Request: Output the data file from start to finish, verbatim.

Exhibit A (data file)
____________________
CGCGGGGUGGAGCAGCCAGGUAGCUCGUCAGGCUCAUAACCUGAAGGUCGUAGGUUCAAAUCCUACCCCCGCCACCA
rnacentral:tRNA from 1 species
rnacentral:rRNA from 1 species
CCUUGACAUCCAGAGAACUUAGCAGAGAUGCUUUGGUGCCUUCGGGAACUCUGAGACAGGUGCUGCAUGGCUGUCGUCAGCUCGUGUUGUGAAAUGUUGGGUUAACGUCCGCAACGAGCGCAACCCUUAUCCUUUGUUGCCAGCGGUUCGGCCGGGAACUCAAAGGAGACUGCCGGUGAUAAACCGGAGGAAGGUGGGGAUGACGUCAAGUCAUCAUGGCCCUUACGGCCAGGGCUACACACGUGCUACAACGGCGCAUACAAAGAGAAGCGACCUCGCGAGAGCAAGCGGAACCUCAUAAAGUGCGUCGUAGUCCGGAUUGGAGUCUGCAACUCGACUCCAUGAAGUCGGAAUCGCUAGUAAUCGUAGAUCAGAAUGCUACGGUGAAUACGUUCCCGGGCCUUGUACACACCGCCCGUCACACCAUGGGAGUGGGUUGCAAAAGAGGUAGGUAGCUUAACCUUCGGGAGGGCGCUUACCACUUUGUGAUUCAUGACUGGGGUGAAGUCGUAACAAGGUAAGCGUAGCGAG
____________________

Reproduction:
CGCGGGGUGGAGCAGCCAGGUAGCUCGUCAGGCUCAUAACCUGAAGGUCGUAGGUUCAAAUCCUACCCCCGCCACCA
rnacentral:tRNA from 1 species
rnacentral:rRNA from 1 species
CCUUGACAUCCAGAGAACUUAGCAGAGAUGCUUUGGUGCCUUCGGGAACUCUGAGACAGGUGCUGCAUGGCUGUCGUCAGCUCGUGUUGUGAAAUGUUGGGUUAACGUCCGCAACGAGCGCAACCCUUAUCCUUUGUUGCCAGCGGUUCGGCCGGGAACUCAAAGGAGACUGCCGGUGAUAAACCGGAGGAAGGUGGGGAUGACGUCAAGUCAUCAUGGCCCUUACGGCCAGGGCUACACACGUGCUACAACGGCGCAUACAAAGAGAAGCGACCUCGCGAGAGCAAGCGGAACCUCAUAAAGUGCGUCGUAGUCCGGAUUGGAGUCUGCAACUCGACUCCAUGAAGUCGGAAUCGCUAGUAAUCGUAGAUCAGAAUGCUACGGUGAAUACGUUCCCGGGCCUUGUACACACCGCCCGUCACACCAUGGGAGUGGGUUGCAAAAGAGGUAGGUAGCUUAACCUUCGGGAGGGCGCUUACCACUUUGUGAUUCAUGACUGGGGUGAAGUCGUAACAAGGUAAGCGUAGCGAG